It's hard not to dwell on the beautiful images that Cyberpunk 2077 constantly presents you. Night City, the city where most of the game takes place, feels alive and very real. The architecture, the horizon: it looks like a city with a history. A city where buildings and streets are built on the remains of previous constructions, and where roads and alleys wind organically around existing structures.

The way the story is propelled, whether in the main mission or in the many, many optional side missions, is fantastic. Conversations give you information organically, and during those conversations you make choices that actually affect later events and even the end of the game. The choice of your life path as the mercenary V , Corpo, street rascal or Nomad, at the start of the game not only determines how the game starts for you, but also gives you dialogue options that suit your background.

Just like in most modern RPGs, completing a mission consists of several stages, in which you have to make all kinds of choices. Many missions consist of “heists”, complicated infiltrations where you stealthily, fight or hack to reach a goal. You decide how to tackle a problem at any time. For example, it is often possible to complete missions without firing a shot, which is not only blood-curdling, but also very satisfying. You use your common sense instead of your weapons. However, if you just want to knock things over, you can of course do as you please.

Finally, hacking is primarily a useful tool that adds an interesting puzzle element to confrontations with enemies. The hacking itself is not very challenging, it’s in fact nothing more than a kind of maze that you have to solve by selecting letter-number combinations before the time runs out. Once something or someone is hacked, on the other hand, new doors open to deal with a situation.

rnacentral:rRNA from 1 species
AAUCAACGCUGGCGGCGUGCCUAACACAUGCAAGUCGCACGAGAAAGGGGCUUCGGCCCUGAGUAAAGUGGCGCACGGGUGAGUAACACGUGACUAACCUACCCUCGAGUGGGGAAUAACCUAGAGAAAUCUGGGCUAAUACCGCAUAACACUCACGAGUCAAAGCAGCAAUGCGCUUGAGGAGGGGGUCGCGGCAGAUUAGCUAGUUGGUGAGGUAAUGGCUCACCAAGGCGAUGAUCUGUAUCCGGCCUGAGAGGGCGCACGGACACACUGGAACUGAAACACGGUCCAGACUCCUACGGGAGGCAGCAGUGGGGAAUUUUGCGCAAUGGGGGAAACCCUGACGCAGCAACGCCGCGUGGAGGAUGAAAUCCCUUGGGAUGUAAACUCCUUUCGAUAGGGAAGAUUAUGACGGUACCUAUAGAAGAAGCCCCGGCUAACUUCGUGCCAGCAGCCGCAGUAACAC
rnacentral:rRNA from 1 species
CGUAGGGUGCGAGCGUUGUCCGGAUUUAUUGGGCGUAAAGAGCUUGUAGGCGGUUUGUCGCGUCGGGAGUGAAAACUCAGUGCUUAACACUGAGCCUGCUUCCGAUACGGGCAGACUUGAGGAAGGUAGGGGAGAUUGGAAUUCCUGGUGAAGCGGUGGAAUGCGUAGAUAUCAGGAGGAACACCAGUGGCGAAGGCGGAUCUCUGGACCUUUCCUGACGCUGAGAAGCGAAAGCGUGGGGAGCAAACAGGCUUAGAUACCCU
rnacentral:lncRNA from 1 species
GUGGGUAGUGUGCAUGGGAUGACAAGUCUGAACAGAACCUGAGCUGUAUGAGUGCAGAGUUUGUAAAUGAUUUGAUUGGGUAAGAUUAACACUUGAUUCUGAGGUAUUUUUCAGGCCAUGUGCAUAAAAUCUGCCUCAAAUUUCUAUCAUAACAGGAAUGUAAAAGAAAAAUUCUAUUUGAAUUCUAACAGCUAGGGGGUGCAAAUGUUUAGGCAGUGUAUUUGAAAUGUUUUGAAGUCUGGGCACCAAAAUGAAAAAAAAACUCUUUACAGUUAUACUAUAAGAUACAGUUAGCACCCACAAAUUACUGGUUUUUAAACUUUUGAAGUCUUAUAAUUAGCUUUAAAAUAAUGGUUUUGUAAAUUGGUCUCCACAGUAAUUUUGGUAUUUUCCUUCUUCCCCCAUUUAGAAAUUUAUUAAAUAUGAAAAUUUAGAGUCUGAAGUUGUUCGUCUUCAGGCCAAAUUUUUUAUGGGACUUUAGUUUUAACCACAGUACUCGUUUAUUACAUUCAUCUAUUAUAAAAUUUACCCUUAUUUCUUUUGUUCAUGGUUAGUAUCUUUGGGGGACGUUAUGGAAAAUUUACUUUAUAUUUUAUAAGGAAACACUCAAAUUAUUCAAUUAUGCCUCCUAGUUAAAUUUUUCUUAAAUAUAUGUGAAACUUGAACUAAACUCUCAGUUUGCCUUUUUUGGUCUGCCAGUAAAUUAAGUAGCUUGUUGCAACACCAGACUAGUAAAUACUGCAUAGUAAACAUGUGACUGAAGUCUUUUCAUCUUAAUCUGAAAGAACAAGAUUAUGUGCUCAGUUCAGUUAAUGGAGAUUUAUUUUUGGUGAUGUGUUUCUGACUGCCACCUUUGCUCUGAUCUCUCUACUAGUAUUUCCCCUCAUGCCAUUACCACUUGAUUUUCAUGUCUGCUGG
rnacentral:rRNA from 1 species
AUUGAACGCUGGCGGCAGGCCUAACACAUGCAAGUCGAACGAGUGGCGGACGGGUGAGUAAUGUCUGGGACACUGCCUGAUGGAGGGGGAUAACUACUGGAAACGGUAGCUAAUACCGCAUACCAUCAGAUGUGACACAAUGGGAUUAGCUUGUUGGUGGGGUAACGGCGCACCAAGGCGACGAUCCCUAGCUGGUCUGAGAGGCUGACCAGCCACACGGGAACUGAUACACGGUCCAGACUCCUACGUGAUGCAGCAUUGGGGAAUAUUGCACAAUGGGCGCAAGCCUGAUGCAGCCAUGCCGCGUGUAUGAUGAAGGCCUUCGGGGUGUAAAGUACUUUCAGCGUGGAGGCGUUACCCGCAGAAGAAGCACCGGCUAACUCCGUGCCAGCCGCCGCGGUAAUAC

Somewhere early in the game, a gigantic, heavily armed cyborg, for example, seemed almost impossible to defeat. But by hacking him before the fight, there was suddenly the option of either blinding him, making his giant arm cannon a lot less effective, or knocking out half of his life meter with a powershortage.

Fighting as well as sneaking are not without problems. Well, “problems” may be a bit heavily phrased, but Cyberpunk 2077 is pretty forgiving on that front. When an enemy spots V, you have a few seconds to move out of sight again. Which is remarkable, given that the vast majority of opponents have cybernetically enhanced eyes.

The same is true to some extent for gunfights. You can do a lot of damage even in the beginning of the game and it is by no means always necessary to move tactically from cover to cover to win a fight. In fact, when an enemy is hiding behind a pillar, it’s a lot more effective to run up to it and shoot a shotgun in the face a few times.

Fortunately, that tactic doesn’t always work, and when there are many enemies in the area, it’s certainly possible to quickly go “flatline”, Cyberpunk 2077’s version of a game over-screen. Which also immediately causes another minor annoyance: checkpoints do not always make sense. For example, in a given mission, the game saves before a long dialogue scene, which is followed by a spirited firefight. So it is not possible to manually save the game during a battle or a dialogue. Having to go through the same scene with interactive options multiple times therefore diminishes its emotional impact.